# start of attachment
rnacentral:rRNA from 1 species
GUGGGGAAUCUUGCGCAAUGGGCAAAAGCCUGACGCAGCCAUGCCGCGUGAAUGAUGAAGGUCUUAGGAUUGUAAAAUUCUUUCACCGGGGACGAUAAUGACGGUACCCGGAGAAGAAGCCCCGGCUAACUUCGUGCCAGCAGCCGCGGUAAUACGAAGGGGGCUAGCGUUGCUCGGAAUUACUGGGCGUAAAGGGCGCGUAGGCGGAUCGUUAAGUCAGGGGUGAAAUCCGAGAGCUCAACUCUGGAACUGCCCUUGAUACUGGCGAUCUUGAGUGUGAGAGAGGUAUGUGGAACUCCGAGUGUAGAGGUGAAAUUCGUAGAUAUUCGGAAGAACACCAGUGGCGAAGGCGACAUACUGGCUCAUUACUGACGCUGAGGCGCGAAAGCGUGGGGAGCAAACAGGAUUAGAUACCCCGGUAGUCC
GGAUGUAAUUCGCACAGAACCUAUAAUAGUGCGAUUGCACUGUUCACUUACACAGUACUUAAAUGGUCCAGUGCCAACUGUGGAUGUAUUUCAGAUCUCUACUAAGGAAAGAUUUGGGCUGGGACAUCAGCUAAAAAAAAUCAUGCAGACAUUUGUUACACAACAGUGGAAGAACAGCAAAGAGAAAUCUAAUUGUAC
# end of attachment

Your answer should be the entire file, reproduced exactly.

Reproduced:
rnacentral:rRNA from 1 species
GUGGGGAAUCUUGCGCAAUGGGCAAAAGCCUGACGCAGCCAUGCCGCGUGAAUGAUGAAGGUCUUAGGAUUGUAAAAUUCUUUCACCGGGGACGAUAAUGACGGUACCCGGAGAAGAAGCCCCGGCUAACUUCGUGCCAGCAGCCGCGGUAAUACGAAGGGGGCUAGCGUUGCUCGGAAUUACUGGGCGUAAAGGGCGCGUAGGCGGAUCGUUAAGUCAGGGGUGAAAUCCGAGAGCUCAACUCUGGAACUGCCCUUGAUACUGGCGAUCUUGAGUGUGAGAGAGGUAUGUGGAACUCCGAGUGUAGAGGUGAAAUUCGUAGAUAUUCGGAAGAACACCAGUGGCGAAGGCGACAUACUGGCUCAUUACUGACGCUGAGGCGCGAAAGCGUGGGGAGCAAACAGGAUUAGAUACCCCGGUAGUCC
GGAUGUAAUUCGCACAGAACCUAUAAUAGUGCGAUUGCACUGUUCACUUACACAGUACUUAAAUGGUCCAGUGCCAACUGUGGAUGUAUUUCAGAUCUCUACUAAGGAAAGAUUUGGGCUGGGACAUCAGCUAAAAAAAAUCAUGCAGACAUUUGUUACACAACAGUGGAAGAACAGCAAAGAGAAAUCUAAUUGUAC